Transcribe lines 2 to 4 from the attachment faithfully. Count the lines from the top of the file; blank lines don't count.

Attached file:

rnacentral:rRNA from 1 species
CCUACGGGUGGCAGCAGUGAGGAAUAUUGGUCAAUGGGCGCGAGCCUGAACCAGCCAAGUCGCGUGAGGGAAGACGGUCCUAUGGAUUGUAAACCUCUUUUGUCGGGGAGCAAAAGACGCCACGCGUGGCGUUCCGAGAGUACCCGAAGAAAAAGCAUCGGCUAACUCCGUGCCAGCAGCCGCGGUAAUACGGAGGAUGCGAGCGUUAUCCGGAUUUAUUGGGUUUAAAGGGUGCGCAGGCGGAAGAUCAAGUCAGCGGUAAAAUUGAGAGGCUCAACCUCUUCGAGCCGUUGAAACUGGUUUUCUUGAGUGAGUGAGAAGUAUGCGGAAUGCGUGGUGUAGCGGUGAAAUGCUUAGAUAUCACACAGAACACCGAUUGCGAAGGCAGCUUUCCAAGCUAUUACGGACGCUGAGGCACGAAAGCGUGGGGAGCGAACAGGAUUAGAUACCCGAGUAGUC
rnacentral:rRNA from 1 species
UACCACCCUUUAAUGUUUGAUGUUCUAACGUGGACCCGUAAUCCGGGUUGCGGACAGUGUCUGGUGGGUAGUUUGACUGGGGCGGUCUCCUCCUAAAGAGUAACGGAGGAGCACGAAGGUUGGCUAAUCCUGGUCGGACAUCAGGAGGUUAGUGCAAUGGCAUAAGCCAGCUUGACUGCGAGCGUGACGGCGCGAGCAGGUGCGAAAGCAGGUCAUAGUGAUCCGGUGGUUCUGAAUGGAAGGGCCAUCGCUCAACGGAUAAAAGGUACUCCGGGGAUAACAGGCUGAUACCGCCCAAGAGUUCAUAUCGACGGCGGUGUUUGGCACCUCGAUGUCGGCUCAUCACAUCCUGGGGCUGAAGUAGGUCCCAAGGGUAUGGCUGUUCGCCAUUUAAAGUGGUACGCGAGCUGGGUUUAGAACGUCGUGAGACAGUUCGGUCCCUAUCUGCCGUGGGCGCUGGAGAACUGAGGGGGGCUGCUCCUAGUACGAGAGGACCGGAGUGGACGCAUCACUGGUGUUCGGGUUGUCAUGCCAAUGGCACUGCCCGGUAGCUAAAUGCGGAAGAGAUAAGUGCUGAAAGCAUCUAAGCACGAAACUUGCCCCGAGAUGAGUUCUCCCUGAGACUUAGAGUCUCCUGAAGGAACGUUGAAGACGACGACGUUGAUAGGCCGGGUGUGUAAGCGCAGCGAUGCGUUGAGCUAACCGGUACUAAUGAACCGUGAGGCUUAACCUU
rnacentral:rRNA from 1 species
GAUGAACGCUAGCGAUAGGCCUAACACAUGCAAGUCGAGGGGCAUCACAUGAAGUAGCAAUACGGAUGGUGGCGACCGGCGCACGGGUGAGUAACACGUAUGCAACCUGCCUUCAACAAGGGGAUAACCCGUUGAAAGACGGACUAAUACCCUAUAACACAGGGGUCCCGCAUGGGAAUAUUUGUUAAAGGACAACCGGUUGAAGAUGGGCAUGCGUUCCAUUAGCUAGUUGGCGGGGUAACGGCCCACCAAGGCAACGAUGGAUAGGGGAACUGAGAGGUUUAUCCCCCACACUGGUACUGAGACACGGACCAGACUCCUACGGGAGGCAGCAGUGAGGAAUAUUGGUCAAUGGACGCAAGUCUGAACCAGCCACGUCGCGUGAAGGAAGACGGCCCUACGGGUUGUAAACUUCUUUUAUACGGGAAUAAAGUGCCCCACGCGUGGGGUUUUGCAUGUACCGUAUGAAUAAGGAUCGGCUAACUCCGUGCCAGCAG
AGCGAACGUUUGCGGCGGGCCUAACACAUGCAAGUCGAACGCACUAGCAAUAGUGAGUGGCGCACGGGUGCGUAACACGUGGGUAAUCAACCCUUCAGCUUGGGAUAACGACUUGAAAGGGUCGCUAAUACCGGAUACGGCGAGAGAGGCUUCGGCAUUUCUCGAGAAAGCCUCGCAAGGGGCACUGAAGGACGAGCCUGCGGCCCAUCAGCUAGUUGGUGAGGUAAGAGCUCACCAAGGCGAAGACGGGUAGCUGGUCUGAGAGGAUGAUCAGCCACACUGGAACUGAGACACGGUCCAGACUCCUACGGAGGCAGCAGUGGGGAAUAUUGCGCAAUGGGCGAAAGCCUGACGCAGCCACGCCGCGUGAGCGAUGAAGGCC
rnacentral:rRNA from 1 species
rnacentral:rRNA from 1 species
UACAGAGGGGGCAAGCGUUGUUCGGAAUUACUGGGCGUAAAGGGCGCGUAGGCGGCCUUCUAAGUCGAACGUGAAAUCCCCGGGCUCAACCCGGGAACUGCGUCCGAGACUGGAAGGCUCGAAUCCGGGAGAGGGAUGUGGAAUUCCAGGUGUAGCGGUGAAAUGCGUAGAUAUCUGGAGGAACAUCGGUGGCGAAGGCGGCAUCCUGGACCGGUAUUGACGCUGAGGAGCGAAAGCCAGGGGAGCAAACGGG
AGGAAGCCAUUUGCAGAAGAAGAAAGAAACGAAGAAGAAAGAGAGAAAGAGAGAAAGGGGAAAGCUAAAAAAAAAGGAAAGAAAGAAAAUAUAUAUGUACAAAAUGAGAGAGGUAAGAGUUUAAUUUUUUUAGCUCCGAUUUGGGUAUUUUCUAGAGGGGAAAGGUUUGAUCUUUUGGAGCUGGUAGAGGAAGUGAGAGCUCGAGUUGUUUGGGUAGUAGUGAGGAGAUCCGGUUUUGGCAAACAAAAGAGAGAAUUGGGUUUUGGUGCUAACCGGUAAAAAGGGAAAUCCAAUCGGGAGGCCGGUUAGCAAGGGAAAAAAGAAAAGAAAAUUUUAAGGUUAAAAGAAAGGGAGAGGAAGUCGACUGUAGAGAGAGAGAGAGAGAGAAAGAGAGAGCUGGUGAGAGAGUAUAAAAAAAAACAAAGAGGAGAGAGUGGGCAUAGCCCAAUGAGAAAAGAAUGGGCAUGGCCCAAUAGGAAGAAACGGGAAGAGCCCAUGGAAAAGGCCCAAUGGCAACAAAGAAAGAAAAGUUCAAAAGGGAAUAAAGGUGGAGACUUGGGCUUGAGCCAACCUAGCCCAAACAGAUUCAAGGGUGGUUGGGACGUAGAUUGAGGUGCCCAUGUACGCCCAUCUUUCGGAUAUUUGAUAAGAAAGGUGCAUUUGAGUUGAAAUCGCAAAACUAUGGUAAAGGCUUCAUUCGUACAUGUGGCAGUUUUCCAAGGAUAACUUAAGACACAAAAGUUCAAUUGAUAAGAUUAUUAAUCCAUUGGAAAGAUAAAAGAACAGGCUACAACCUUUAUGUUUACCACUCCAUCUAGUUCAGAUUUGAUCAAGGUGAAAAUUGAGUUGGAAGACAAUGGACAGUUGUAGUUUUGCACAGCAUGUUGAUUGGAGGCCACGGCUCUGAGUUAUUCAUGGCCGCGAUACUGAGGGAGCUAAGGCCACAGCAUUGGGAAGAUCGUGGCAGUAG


CCUACGGGUGGCAGCAGUGAGGAAUAUUGGUCAAUGGGCGCGAGCCUGAACCAGCCAAGUCGCGUGAGGGAAGACGGUCCUAUGGAUUGUAAACCUCUUUUGUCGGGGAGCAAAAGACGCCACGCGUGGCGUUCCGAGAGUACCCGAAGAAAAAGCAUCGGCUAACUCCGUGCCAGCAGCCGCGGUAAUACGGAGGAUGCGAGCGUUAUCCGGAUUUAUUGGGUUUAAAGGGUGCGCAGGCGGAAGAUCAAGUCAGCGGUAAAAUUGAGAGGCUCAACCUCUUCGAGCCGUUGAAACUGGUUUUCUUGAGUGAGUGAGAAGUAUGCGGAAUGCGUGGUGUAGCGGUGAAAUGCUUAGAUAUCACACAGAACACCGAUUGCGAAGGCAGCUUUCCAAGCUAUUACGGACGCUGAGGCACGAAAGCGUGGGGAGCGAACAGGAUUAGAUACCCGAGUAGUC
rnacentral:rRNA from 1 species
UACCACCCUUUAAUGUUUGAUGUUCUAACGUGGACCCGUAAUCCGGGUUGCGGACAGUGUCUGGUGGGUAGUUUGACUGGGGCGGUCUCCUCCUAAAGAGUAACGGAGGAGCACGAAGGUUGGCUAAUCCUGGUCGGACAUCAGGAGGUUAGUGCAAUGGCAUAAGCCAGCUUGACUGCGAGCGUGACGGCGCGAGCAGGUGCGAAAGCAGGUCAUAGUGAUCCGGUGGUUCUGAAUGGAAGGGCCAUCGCUCAACGGAUAAAAGGUACUCCGGGGAUAACAGGCUGAUACCGCCCAAGAGUUCAUAUCGACGGCGGUGUUUGGCACCUCGAUGUCGGCUCAUCACAUCCUGGGGCUGAAGUAGGUCCCAAGGGUAUGGCUGUUCGCCAUUUAAAGUGGUACGCGAGCUGGGUUUAGAACGUCGUGAGACAGUUCGGUCCCUAUCUGCCGUGGGCGCUGGAGAACUGAGGGGGGCUGCUCCUAGUACGAGAGGACCGGAGUGGACGCAUCACUGGUGUUCGGGUUGUCAUGCCAAUGGCACUGCCCGGUAGCUAAAUGCGGAAGAGAUAAGUGCUGAAAGCAUCUAAGCACGAAACUUGCCCCGAGAUGAGUUCUCCCUGAGACUUAGAGUCUCCUGAAGGAACGUUGAAGACGACGACGUUGAUAGGCCGGGUGUGUAAGCGCAGCGAUGCGUUGAGCUAACCGGUACUAAUGAACCGUGAGGCUUAACCUU